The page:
PROCare4Life offers a personalized, integrated care platform for people with neurodegenerative diseases such as Parkinson’s and Alzheimer’s diseases. Using sensory monitoring, PROCare4Life learns of users’ behavioral habits and detects disease-specific symptoms, e.g., freezing, festination, loss of balance, wandering, confusion, and falls. An essential component of PROCare4Life is the sensorial ecosystem, which provides the necessary tools and modules to track disease progression and facilitate communication between patients with neurodegenerative diseases and the corresponding social and health professionals. The sensorial ecosystem employs state-of-the-art technologies and computational methods to harvest and process sensorial data to identify the symptoms and associated daily activities. Sensory tracking acquires data through sensors from wristbands, mobile phones, binary object sensors, and cameras. In particular, through these sensors, various raw measurements are gathered, such as heart rate, number of sleeping hours, number of steps, accelerometers, gyroscopes, and human-body trajectories. As part of the sensorial ecosystem of PROCare4Life, Sensory Data Tracking (SDT) was developed to enable tracking and gathering of sensorial data from different users. A high-level illustration of the sensorial ecosystem is shown in Figure 1.
Figure 1 An illustration of the sensorial ecosystem of PROCare4Life
In addition, the sensorial ecosystem employs advanced machine learning and AI methodologies to process the sensorial data and identify the disease symptoms. Since neurodegenerative symptoms occur differently, it is important to use specific sensors to identify those symptoms to enhance their identification accuracy. For example, freezing of gait, a symptom associated with Parkinson’s Disease, can be recognized from wristbands’ and cell phones’ sensors. While wandering, a symptom of Alzheimer’s Disease, can be identified from body movement trajectories which are detected using cameras, as shown in Figure 2. Additional daily activities, such as movement within the house, visiting the bathroom, and using the kitchen, can be identified using binary object sensors. Moreover, the sensorial ecosystem contains an experimental tool based on interactive and serious cognitive games. The cognitive games are used to measure parameters related to cognitive skills such as short-term memory, visual recognition, semantic memory, vocabulary, etc. Subsequently, a set of features such as time, the number of errors, the games’ difficulty level, and the accomplished cognitive tasks are employed in predictive machine learning models for cognitive assessments.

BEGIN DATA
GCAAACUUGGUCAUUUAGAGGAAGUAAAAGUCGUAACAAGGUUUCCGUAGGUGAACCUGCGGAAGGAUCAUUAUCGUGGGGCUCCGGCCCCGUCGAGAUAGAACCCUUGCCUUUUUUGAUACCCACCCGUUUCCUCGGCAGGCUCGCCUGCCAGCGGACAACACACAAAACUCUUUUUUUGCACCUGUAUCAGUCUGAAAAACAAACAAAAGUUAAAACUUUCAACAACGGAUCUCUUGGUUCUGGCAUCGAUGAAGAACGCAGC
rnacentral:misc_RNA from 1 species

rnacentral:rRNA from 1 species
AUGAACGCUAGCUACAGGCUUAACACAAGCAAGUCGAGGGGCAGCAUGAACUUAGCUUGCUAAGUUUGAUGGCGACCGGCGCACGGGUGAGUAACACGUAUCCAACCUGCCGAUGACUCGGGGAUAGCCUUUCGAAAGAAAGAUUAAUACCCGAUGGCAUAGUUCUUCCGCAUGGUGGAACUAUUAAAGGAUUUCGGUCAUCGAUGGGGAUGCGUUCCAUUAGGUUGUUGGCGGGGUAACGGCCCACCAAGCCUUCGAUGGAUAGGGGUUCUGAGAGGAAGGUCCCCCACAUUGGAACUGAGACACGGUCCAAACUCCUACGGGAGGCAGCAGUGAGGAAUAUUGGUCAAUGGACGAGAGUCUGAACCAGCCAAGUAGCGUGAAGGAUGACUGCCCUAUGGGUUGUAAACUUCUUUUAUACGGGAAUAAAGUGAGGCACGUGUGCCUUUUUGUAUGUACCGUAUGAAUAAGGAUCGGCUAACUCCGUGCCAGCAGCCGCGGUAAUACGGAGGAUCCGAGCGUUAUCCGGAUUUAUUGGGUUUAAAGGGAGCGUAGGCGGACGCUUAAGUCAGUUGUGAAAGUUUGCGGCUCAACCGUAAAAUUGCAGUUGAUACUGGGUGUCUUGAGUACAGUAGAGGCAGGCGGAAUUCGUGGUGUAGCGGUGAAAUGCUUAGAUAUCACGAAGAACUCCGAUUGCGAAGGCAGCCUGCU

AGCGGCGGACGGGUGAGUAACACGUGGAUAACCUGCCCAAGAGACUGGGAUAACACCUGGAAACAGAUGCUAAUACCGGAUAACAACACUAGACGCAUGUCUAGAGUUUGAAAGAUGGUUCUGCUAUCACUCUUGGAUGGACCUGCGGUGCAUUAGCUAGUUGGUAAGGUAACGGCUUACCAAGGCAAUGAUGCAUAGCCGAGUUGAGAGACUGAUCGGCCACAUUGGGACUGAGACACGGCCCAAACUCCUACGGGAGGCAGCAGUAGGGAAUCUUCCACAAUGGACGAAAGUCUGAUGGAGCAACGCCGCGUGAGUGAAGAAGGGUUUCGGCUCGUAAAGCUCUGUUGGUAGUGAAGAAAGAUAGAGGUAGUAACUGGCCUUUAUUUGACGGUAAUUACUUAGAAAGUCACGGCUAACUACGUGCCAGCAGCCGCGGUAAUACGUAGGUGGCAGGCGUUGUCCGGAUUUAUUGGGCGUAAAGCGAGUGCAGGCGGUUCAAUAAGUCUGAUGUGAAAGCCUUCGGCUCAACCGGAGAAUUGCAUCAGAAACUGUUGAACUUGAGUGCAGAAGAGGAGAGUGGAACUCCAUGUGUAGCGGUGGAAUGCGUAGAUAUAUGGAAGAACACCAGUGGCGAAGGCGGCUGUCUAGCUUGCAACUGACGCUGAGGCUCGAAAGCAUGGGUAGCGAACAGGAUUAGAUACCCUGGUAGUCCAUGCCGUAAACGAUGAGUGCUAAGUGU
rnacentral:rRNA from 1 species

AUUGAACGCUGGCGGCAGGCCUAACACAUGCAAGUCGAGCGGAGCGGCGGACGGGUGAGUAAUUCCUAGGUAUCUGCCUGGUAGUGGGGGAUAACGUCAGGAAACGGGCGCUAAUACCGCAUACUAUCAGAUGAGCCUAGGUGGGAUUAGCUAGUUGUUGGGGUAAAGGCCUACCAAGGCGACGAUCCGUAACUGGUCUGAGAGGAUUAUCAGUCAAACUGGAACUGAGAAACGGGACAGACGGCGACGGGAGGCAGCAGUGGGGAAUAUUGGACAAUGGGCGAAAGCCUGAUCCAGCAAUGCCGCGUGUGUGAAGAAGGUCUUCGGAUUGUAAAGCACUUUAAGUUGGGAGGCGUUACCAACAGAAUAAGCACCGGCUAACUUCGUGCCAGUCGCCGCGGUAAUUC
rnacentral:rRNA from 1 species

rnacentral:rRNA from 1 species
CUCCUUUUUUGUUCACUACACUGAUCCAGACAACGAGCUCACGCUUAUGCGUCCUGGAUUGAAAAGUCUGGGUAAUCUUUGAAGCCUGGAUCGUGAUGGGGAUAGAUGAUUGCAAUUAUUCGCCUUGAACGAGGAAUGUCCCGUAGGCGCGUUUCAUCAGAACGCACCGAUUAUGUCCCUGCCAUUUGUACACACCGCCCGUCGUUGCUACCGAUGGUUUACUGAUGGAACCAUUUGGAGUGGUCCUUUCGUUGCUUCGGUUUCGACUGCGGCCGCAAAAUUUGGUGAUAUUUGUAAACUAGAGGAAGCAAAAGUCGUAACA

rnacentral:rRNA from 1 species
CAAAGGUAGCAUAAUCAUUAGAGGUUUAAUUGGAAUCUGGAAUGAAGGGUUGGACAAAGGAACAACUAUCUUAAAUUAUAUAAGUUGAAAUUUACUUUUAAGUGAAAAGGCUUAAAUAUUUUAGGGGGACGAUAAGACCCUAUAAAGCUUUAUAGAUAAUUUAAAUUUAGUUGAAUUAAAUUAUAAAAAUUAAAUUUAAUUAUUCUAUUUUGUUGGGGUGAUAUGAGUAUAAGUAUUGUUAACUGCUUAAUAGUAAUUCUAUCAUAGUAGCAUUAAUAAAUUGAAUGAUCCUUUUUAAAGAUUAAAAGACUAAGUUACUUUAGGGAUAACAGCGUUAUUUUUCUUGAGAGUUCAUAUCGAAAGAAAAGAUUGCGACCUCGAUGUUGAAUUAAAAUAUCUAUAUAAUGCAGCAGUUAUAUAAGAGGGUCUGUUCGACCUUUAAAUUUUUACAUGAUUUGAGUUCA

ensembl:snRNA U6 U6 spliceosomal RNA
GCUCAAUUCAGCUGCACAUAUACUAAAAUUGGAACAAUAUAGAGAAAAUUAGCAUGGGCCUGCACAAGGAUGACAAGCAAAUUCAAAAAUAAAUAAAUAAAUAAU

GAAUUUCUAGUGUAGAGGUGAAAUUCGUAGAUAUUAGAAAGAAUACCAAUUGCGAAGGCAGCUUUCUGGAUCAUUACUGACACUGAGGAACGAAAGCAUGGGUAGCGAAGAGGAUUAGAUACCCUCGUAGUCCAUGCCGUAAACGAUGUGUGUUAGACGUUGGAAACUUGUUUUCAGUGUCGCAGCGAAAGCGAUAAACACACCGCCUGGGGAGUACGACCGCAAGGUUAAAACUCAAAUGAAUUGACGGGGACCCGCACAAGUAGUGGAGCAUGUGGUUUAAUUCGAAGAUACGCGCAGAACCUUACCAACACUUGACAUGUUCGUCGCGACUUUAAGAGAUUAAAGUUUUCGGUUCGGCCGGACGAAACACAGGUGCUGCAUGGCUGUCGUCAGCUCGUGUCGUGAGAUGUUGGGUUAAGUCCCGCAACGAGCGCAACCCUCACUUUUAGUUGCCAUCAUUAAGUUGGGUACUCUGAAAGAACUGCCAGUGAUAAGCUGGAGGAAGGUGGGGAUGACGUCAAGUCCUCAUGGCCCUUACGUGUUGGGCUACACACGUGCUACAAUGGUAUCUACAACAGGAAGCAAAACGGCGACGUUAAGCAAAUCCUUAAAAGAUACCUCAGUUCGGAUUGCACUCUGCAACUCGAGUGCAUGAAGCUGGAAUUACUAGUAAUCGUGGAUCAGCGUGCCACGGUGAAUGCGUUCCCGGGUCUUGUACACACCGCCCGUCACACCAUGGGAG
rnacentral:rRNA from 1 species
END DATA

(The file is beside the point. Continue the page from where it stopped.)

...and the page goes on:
Figure 2 Video of Body skeleton detection and its trajectory tracking through cameras
Following sensorial ecosystem measurements and patients’ health-related information, Human Behavior Recognition (HBR), a module within the sensorial ecosystem, conducts a longer-term analysis to define scores and metrics that indicate the following:
The quality of physical activities
The quality of sleep
The severity and frequencies of motor symptoms
The decline or the progress of cognitive and emotional states
The obtained metrics are correlated with a score that defines the patients’ profile, based on their socio-demographic and other health-related information such as comorbidities and stage of the diseases. Afterward, a decision support system detects deviations from the patients’ normal routines. In the decision support system, a multimodal fusion mechanism benefits from domain knowledge provided by clinical partners of ProCare4Life through user interfaces. The multimodal fusion mechanism takes advantage of the clinical partners’ domain knowledge to determine the impact and contribution of each score to either the improvement or the deterioration of the patients’ health conditions. HBR outcomes are utilized in a recommendation engine to provide eHealth recommendations such as: recommending leisure or physical activities, nutrition tips, and reminders to therapy adherence to improve patients’ quality of life. In this manner, the disease progress and the patients’ daily conduct are monitored and communicated with the social and health professionals to provide a better quality of life for patients with neurodegenerative diseases.
This blog was written by Esam Ghaleb, Yusuf Can Semerci, and Stylianos Asteriadis. They are members of the Affective & Visual Computing Lab (AVCL) in the Department of Data Science Knowledge Engineering (DKE) at Maastricht University (UM), the Netherlands. UM leads the Work Package (WP) for the sensorial ecosystem of PROCare4Life. UM also contributes to the user’s behavioral analysis and the realization of the decision support system.